Integration and institutionalization: This rarely-achieved state is where you see a change in the school community's population so that it now represents a broad spectrum of difference, where there is routine monitoring of "how are we doing" to sustain the gains and continue improvement, and where the school's practices change as a result of being organizationally aware of the impact of its decisions on underrepresented groups. At this stage, faculty meetings are used, among other things, to openly discuss the ways in which difference is interconnected to children's lives.The school calendar makes room for teachers and staff to practice dialogue skills about difference across the differences in the community. And the curriculum is not simply about including the experiences of darker skinned peoples, but instead about encouraging critical analysis of race — focusing particularly on the voices heard and unheard, the perpetrators of injustice as much as the victims, and the parallel of historic societal events to today's world.

We hope that you can see in our answers to these questions a few of the basic tenets we hold as essential in addressing DMEJ issues in independent schools: (1) that schools must address these issues at multiple levels — the individual human level, the isolated program level, and the institutional structure level; (2) that independent schools require independent solutions, so that there is no one answer to these sorts of questions that applies to all schools; and (3) that schools are at different places from each other in their journeys towards becoming inclusive institutions, and that effective work in this area continually addresses where they are, not where they should be.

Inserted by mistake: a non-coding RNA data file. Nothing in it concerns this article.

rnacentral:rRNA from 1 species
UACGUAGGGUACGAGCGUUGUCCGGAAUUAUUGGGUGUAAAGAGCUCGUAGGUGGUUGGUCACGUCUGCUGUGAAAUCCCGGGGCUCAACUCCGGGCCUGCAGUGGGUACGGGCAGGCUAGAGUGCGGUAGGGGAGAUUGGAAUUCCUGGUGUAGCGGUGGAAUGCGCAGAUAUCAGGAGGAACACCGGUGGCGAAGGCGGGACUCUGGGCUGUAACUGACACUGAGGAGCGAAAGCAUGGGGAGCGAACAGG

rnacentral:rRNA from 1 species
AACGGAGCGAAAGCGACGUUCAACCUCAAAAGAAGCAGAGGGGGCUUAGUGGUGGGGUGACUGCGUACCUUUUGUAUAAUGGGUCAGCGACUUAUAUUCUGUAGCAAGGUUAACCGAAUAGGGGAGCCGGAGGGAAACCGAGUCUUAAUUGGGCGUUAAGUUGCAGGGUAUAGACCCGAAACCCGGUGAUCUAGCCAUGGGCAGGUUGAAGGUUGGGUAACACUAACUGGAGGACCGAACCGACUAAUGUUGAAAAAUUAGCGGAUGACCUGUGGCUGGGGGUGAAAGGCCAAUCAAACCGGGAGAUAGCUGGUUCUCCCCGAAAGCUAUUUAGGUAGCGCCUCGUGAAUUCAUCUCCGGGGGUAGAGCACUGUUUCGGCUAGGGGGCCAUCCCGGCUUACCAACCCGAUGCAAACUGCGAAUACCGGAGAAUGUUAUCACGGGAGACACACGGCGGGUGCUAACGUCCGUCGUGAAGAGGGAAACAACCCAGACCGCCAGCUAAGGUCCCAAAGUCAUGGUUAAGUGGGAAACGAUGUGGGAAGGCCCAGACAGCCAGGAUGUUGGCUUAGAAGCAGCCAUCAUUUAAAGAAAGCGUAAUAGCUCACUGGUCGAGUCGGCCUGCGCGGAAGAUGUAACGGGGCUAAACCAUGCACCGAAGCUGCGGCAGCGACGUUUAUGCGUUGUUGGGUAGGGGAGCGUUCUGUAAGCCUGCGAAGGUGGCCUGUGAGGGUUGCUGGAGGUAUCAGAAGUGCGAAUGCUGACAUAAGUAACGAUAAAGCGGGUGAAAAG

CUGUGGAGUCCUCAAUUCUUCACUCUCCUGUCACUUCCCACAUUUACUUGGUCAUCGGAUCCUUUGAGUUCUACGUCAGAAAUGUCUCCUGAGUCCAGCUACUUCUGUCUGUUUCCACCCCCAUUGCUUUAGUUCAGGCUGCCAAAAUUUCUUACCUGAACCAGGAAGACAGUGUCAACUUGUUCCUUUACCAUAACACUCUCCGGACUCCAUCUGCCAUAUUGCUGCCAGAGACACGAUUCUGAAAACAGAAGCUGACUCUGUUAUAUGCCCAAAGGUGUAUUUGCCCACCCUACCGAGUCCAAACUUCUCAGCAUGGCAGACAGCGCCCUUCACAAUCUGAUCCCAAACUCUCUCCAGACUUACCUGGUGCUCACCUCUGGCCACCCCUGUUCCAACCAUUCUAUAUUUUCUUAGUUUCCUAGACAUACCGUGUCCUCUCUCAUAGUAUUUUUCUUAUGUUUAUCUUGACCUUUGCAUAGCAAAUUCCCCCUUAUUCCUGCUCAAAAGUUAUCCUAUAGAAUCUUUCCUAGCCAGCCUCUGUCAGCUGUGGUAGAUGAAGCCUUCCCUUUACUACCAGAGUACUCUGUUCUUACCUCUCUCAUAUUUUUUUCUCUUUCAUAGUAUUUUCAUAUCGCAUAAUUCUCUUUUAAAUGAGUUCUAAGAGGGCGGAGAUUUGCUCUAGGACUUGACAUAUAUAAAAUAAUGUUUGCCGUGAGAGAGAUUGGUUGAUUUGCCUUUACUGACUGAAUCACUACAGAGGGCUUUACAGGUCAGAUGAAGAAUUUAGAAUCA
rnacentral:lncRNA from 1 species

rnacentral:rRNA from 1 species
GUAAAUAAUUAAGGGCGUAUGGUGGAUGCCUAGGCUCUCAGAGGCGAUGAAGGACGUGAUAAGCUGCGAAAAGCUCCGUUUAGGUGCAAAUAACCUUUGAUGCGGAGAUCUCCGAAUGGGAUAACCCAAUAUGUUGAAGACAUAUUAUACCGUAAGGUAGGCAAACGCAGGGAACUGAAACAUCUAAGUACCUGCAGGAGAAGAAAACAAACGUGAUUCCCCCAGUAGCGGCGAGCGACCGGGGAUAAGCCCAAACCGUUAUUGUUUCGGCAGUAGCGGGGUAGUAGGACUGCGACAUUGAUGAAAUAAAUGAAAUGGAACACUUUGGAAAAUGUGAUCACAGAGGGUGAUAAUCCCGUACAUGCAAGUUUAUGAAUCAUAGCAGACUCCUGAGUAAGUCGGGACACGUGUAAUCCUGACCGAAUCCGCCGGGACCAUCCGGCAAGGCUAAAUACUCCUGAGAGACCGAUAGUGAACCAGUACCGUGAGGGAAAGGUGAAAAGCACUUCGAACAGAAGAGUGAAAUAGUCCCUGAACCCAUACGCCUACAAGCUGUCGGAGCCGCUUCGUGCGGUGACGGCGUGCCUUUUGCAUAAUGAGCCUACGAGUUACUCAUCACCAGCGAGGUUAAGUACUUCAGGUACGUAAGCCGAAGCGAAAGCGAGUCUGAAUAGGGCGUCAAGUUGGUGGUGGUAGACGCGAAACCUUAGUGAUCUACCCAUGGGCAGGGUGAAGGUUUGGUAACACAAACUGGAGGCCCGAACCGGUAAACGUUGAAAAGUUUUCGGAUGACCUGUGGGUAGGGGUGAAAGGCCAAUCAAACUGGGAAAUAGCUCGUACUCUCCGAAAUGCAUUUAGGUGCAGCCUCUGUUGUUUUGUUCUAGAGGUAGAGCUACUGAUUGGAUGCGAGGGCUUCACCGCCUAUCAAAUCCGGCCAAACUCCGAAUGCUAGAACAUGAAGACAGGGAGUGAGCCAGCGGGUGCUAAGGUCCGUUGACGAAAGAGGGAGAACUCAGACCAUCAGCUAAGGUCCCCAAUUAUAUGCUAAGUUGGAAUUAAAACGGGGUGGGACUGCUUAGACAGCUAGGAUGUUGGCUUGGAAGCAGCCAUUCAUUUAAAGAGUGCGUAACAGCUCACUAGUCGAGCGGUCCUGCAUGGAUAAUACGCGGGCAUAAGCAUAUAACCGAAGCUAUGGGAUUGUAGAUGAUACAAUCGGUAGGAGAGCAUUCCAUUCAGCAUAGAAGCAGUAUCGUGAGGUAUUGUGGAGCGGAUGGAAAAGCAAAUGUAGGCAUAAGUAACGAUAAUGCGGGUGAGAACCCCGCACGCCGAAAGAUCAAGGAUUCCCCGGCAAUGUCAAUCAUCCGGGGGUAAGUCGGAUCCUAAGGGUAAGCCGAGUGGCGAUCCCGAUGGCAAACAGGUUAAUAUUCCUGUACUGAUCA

There are always lots of additional questions circling a diversity initiative: How do I justify the use of affinity groups? Do we really need a director of diversity? What's the next step after the MLK Day celebration? You've no doubt heard some version of these in your own school. And while we can't answer these questions for you without an intimate knowledge of your school, we hope that you see that asking the broader institutional questions and employing some version of our accompanying frameworks will lead you to a place where you can answer questions large and small. We also hope you see the value in making this effort. From our perspective, the opportunity to address DMEJ issues in a meaningful way is an essential part of what makes an independent school great.

Abe Wehmiller is assistant director of the upper school at Lakeside School (Washington). André Withers is the assistant head of school at Lowell School (Washington, DC). They have presented a more detailed version of "Things That Make You Say ‘Hmmm...'" at the 2006 NAIS People of Color Conference — including advice for individuals working within schools.